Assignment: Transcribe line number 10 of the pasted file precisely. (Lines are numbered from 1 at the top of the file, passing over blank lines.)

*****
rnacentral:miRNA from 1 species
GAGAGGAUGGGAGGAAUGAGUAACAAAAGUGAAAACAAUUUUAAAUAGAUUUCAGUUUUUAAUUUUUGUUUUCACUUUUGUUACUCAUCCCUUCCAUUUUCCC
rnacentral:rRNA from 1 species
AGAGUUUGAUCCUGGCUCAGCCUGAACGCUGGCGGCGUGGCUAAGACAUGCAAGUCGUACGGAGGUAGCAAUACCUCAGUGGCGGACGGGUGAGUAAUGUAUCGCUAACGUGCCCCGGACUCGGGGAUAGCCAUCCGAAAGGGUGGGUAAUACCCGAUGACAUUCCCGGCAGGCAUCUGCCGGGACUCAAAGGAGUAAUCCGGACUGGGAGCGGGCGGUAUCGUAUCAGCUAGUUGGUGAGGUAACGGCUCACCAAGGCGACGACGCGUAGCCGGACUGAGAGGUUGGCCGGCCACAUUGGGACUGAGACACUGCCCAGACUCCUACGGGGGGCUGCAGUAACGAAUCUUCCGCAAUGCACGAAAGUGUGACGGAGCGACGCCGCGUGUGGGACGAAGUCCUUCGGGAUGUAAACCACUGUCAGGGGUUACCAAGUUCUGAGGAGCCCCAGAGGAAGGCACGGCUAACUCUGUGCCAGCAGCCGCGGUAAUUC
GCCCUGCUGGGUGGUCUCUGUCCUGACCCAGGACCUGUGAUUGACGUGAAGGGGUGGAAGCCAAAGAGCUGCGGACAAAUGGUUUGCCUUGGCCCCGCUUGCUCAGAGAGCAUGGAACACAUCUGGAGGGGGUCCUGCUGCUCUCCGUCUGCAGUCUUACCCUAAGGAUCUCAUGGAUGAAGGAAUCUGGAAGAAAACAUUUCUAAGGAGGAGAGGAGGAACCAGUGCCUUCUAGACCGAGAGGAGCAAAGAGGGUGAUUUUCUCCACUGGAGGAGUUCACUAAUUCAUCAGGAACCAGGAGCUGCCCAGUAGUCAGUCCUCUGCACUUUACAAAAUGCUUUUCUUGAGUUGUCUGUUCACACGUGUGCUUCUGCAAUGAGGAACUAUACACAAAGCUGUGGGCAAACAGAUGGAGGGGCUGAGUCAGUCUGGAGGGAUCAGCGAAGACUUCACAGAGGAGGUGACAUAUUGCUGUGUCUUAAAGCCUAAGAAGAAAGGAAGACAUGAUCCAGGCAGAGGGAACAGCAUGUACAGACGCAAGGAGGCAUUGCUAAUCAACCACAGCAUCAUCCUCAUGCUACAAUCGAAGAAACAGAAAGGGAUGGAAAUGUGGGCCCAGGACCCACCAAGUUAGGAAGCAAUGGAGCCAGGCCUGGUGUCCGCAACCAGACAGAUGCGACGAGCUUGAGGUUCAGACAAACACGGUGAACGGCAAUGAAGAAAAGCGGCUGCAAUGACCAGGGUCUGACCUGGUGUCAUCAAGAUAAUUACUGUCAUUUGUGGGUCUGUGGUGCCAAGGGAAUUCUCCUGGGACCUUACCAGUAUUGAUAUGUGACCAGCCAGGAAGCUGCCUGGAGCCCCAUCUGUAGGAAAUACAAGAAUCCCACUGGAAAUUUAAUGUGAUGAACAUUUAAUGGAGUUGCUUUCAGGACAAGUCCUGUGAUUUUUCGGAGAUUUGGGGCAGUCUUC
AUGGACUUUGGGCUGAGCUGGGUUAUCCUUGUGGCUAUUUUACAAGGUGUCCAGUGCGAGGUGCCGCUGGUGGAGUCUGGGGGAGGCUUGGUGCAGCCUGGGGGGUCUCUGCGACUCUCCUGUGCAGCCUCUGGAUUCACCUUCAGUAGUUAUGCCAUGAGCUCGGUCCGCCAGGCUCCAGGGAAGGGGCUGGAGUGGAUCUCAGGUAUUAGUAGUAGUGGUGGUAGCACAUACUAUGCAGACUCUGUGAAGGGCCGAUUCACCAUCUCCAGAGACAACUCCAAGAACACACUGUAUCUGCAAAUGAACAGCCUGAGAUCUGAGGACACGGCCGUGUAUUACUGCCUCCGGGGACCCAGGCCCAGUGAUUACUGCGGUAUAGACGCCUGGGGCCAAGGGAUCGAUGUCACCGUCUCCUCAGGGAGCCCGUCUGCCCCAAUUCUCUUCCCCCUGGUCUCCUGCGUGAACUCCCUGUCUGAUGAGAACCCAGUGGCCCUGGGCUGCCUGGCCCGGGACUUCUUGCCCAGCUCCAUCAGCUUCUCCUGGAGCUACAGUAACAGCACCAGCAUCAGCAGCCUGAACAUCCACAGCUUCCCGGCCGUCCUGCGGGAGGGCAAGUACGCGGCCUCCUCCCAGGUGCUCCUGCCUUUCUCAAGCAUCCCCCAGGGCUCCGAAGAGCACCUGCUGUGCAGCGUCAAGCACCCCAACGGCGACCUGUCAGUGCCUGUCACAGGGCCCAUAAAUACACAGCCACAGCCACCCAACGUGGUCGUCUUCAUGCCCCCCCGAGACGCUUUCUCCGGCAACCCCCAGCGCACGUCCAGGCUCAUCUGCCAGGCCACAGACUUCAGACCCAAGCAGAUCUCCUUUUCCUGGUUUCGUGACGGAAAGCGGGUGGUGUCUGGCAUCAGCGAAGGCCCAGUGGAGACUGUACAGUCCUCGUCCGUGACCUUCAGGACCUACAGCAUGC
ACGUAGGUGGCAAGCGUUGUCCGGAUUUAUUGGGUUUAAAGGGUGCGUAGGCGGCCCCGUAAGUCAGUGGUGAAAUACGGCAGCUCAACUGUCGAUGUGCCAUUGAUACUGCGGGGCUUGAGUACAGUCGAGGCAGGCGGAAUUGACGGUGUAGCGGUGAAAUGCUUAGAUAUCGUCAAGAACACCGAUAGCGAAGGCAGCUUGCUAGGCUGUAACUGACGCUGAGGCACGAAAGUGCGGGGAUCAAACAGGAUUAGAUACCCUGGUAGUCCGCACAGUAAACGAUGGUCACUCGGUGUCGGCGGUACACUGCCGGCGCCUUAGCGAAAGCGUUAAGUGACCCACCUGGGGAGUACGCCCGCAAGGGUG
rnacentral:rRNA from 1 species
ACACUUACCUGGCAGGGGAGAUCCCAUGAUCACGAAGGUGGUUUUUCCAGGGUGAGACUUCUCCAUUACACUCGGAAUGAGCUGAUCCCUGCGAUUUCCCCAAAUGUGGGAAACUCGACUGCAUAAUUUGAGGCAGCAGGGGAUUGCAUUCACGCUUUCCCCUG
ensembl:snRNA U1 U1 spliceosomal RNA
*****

ensembl:snRNA U1 U1 spliceosomal RNA